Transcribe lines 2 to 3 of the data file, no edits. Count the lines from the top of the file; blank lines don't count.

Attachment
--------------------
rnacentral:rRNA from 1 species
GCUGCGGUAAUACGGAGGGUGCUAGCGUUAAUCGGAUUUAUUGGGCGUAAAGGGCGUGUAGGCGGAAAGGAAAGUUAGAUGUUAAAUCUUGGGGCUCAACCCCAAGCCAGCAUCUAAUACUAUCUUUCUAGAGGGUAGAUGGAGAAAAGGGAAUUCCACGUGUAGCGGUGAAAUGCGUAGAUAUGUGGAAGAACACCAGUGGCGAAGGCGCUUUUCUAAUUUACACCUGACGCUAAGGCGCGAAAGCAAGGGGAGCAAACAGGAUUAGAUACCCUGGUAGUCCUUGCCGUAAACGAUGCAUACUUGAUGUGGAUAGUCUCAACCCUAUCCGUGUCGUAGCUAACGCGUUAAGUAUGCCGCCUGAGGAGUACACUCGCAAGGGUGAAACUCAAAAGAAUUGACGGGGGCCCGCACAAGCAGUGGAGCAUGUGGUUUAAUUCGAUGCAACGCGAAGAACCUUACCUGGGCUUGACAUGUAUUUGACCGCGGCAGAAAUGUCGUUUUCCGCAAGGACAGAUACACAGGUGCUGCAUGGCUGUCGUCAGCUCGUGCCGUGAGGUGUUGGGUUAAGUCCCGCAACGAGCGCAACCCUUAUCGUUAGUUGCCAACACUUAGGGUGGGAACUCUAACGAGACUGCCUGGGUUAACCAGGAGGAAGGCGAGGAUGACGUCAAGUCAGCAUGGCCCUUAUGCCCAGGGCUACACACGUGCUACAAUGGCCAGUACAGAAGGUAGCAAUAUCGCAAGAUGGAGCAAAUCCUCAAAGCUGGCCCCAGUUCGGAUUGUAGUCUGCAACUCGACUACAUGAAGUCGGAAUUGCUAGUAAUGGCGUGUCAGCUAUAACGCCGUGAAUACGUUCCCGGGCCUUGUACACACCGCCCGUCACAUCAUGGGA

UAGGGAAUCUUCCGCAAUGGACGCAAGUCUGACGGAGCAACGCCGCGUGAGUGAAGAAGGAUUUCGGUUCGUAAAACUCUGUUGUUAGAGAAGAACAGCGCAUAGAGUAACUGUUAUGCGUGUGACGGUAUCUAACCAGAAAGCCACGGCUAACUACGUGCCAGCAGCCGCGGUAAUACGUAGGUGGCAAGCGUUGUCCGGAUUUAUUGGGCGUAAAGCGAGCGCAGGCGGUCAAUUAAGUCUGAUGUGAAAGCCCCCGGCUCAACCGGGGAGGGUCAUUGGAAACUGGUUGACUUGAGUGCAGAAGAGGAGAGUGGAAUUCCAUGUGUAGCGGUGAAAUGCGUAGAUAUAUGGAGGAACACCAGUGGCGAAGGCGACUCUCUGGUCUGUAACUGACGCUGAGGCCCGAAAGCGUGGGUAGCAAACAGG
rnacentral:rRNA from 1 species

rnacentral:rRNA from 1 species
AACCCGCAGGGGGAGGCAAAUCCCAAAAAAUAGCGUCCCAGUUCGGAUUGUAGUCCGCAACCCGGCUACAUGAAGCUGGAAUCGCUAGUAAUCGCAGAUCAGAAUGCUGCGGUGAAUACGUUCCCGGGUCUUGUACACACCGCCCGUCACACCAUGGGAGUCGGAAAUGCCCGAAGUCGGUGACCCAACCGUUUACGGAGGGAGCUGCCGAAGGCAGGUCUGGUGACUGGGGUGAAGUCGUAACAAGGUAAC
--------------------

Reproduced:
GCUGCGGUAAUACGGAGGGUGCUAGCGUUAAUCGGAUUUAUUGGGCGUAAAGGGCGUGUAGGCGGAAAGGAAAGUUAGAUGUUAAAUCUUGGGGCUCAACCCCAAGCCAGCAUCUAAUACUAUCUUUCUAGAGGGUAGAUGGAGAAAAGGGAAUUCCACGUGUAGCGGUGAAAUGCGUAGAUAUGUGGAAGAACACCAGUGGCGAAGGCGCUUUUCUAAUUUACACCUGACGCUAAGGCGCGAAAGCAAGGGGAGCAAACAGGAUUAGAUACCCUGGUAGUCCUUGCCGUAAACGAUGCAUACUUGAUGUGGAUAGUCUCAACCCUAUCCGUGUCGUAGCUAACGCGUUAAGUAUGCCGCCUGAGGAGUACACUCGCAAGGGUGAAACUCAAAAGAAUUGACGGGGGCCCGCACAAGCAGUGGAGCAUGUGGUUUAAUUCGAUGCAACGCGAAGAACCUUACCUGGGCUUGACAUGUAUUUGACCGCGGCAGAAAUGUCGUUUUCCGCAAGGACAGAUACACAGGUGCUGCAUGGCUGUCGUCAGCUCGUGCCGUGAGGUGUUGGGUUAAGUCCCGCAACGAGCGCAACCCUUAUCGUUAGUUGCCAACACUUAGGGUGGGAACUCUAACGAGACUGCCUGGGUUAACCAGGAGGAAGGCGAGGAUGACGUCAAGUCAGCAUGGCCCUUAUGCCCAGGGCUACACACGUGCUACAAUGGCCAGUACAGAAGGUAGCAAUAUCGCAAGAUGGAGCAAAUCCUCAAAGCUGGCCCCAGUUCGGAUUGUAGUCUGCAACUCGACUACAUGAAGUCGGAAUUGCUAGUAAUGGCGUGUCAGCUAUAACGCCGUGAAUACGUUCCCGGGCCUUGUACACACCGCCCGUCACAUCAUGGGA

UAGGGAAUCUUCCGCAAUGGACGCAAGUCUGACGGAGCAACGCCGCGUGAGUGAAGAAGGAUUUCGGUUCGUAAAACUCUGUUGUUAGAGAAGAACAGCGCAUAGAGUAACUGUUAUGCGUGUGACGGUAUCUAACCAGAAAGCCACGGCUAACUACGUGCCAGCAGCCGCGGUAAUACGUAGGUGGCAAGCGUUGUCCGGAUUUAUUGGGCGUAAAGCGAGCGCAGGCGGUCAAUUAAGUCUGAUGUGAAAGCCCCCGGCUCAACCGGGGAGGGUCAUUGGAAACUGGUUGACUUGAGUGCAGAAGAGGAGAGUGGAAUUCCAUGUGUAGCGGUGAAAUGCGUAGAUAUAUGGAGGAACACCAGUGGCGAAGGCGACUCUCUGGUCUGUAACUGACGCUGAGGCCCGAAAGCGUGGGUAGCAAACAGG